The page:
DuPont Shareholder Sues Board Over $1 Billion Court Loss
By Steven Church & Phil Milford - Jan 17, 2013 10:11 AM ET
A DuPont Co. (DD) shareholder sued company directors and Chief Executive Officer Ellen Kullman, claiming mismanagement of the seed business caused a $1 billion court loss that threatens to wipe out the company’s cash.
The company lost a patent lawsuit related to the Monsanto Co. (MON) weed killer Roundup, and a jury awarded $1 billion, a figure that could grow to $3 billion if so-called punitive damages are added, according to the lawsuit.
In a complaint filed yesterday in U.S. District Court in Wilmington, Delaware, shareholder Robert Zomolosky asked a judge to force Kullman and the board of directors to pay any damages related to the patent lawsuit.
“The DuPont board lost sight of its mandate and its responsibilities, and acquiesced in unlawful legal maneuvers and deceptive public statements in conscious disregard of its obligations,” Zomolosky claimed in his lawsuit.
DuPont planned to appeal the patent loss, according to the lawsuit.
In an e-mailed statement, company General Counsel Thomas L. Sager said DuPont handled the Monsanto patent case appropriately.
“We are confident in the appropriateness of all our actions and the points raised in this lawsuit are simply a repetition of those we have repeatedly addressed in the course of the Monsanto litigation,” Sager said in the statement.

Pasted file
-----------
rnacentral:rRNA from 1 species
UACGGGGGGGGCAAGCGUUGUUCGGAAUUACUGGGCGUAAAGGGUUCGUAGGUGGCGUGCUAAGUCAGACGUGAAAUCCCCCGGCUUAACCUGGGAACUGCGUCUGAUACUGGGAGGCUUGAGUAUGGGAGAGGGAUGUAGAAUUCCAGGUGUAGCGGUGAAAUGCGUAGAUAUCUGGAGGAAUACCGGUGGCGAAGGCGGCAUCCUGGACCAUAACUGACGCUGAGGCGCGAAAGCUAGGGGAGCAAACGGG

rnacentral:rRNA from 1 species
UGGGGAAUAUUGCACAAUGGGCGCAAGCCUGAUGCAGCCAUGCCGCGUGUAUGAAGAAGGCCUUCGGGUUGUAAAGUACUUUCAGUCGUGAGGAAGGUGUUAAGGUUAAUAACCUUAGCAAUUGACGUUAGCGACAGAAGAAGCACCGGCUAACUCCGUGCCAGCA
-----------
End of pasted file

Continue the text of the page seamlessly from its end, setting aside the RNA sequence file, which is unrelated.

The patent case grew out of the company’s effort to compete with Monsanto’s Roundup Ready crop business, which held 90 percent of the market for soybean and cotton seeds as of 2008, according to the lawsuit.
Because DuPont’s research wasn’t producing results, company managers used Monsanto’s technology to try to create seeds that could resist Roundup, a key requirement for farmers, the shareholder suit claims.
Monsanto sued in 2009 and won its case in August, when a federal jury in Missouri, where Monsanto is based, ruled against DuPont.
The complaint, filed on behalf of the company as a so- called derivative lawsuit, seeks a jury trial, corporate governance improvements and unspecified damages from directors.
The case is Zomolosky v. Kullman, U.S. District Court, District of Delaware (Wilmington).
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